GRAPHIC PRESS -- What's in a Name?
Bold, yes, but far from impossible. It seems the name John Zamora had developed a pretty big reputation within the industry, allowing him to secure a considerable amount of equipment financing from Heidelberg. It really helped that he was investing a sizeable portion of the company start-up with his own personal funds.
"John now has the most modern printing plant in the United States, maybe even the world," notes a Heidelberg salesman who, due to competitive reasons, spoke on the condition that he not be identified.
"His reputation and financial strength allowed him to do this; the reason we could go that large with a customer is because of all the money he put down. Plus, he's a legend in the graphic arts business."
Largest Deal in America
The $40 million in new equipment is reportedly the largest single financial transaction ever consummated by Heidelberg in this country. It staggers the mind to consider that a single person was able to procure such an agreement.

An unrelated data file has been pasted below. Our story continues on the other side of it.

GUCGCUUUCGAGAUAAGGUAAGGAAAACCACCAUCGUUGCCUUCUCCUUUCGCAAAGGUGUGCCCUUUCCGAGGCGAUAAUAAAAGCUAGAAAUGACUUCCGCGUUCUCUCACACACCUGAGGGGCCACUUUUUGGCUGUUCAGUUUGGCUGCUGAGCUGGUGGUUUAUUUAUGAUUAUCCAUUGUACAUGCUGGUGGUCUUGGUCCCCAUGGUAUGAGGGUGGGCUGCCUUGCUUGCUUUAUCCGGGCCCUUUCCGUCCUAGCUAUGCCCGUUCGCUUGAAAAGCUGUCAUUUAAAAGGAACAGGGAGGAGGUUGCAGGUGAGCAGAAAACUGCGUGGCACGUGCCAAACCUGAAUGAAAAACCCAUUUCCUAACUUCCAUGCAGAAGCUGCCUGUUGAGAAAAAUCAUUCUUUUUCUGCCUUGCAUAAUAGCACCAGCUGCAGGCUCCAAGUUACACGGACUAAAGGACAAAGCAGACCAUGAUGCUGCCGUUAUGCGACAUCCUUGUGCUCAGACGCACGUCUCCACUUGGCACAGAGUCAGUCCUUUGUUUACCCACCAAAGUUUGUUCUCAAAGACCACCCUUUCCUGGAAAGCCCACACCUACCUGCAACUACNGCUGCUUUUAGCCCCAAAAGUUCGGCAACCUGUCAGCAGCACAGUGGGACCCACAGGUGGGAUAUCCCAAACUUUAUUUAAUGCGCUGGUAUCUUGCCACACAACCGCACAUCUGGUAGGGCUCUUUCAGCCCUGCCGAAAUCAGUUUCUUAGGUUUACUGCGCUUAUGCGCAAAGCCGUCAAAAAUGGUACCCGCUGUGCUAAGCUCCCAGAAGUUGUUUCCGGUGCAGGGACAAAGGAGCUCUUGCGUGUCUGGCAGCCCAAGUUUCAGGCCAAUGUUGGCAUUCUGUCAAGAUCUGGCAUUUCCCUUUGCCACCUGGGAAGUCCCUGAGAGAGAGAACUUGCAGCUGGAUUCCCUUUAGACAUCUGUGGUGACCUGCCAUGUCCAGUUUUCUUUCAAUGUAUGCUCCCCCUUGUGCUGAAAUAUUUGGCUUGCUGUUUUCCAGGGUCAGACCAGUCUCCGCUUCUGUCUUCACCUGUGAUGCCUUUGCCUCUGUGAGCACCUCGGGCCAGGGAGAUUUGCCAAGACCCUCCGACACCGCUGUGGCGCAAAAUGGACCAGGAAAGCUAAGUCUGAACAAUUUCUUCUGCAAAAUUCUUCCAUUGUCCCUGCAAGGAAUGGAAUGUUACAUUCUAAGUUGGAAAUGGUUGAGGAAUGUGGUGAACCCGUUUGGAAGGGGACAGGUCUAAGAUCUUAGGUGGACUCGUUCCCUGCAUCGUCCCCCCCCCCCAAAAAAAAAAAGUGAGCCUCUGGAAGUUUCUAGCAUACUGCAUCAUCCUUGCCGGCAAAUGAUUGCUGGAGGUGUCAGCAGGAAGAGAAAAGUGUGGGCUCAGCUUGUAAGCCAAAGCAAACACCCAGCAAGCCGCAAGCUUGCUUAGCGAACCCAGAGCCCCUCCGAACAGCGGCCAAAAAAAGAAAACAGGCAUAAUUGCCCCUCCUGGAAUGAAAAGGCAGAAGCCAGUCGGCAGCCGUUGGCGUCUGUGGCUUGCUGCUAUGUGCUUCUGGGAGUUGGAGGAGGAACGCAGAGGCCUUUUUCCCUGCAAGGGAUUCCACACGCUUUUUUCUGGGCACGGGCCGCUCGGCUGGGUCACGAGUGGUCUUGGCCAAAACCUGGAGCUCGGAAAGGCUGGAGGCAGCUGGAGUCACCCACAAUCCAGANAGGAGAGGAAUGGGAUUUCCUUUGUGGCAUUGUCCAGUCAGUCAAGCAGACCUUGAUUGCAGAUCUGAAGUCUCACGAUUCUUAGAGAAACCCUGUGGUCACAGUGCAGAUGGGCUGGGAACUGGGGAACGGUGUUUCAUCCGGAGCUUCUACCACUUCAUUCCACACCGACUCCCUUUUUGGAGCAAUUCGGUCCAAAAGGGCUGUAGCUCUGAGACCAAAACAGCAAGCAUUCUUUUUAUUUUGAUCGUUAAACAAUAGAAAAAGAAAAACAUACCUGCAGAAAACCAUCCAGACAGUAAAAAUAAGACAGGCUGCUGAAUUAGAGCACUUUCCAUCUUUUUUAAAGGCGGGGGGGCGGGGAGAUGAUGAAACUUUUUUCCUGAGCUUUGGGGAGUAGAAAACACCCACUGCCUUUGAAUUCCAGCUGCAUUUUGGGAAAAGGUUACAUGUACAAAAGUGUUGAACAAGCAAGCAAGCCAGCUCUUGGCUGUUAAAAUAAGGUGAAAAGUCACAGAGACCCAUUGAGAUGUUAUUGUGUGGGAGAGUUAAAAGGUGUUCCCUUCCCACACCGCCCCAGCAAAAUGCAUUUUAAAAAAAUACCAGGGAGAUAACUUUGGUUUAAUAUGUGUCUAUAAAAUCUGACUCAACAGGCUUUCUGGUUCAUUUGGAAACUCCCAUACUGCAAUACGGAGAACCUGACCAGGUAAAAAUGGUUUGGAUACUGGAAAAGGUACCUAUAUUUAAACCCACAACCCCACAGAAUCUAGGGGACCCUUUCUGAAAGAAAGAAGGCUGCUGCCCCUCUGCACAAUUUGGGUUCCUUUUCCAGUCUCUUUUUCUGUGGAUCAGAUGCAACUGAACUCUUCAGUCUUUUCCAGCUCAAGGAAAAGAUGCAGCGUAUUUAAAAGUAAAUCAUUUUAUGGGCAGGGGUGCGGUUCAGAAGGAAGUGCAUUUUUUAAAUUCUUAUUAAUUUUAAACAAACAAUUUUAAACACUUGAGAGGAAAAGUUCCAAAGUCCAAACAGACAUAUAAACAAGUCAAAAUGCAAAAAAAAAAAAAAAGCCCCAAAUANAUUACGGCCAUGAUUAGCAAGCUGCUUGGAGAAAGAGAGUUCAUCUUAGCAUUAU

Zamora's history dates back to the original Graphic Press, a high-quality sheetfed and web printer in the Los Angeles area. Upon leaving, Zamora joined George Rice & Sons, where he remained until April of 2000.
Although he had talked to Jesse and Jerry Williamson—owners of the Texas printing giant that bears their name—about going into business together, that never materialized. It seemed to be Zamora's destiny to make the plunge solo (his president, Jim Cooper, is a minority owner in the company.)
"Why did I do it? When I first left Rice, I really wasn't planning to start my own business," Zamora says. "I started to consider doing it and had a lot of offers from other people. Then Heidelberg came to me and said that if I was still interested, they would like to make it an all-Heidelberg shop."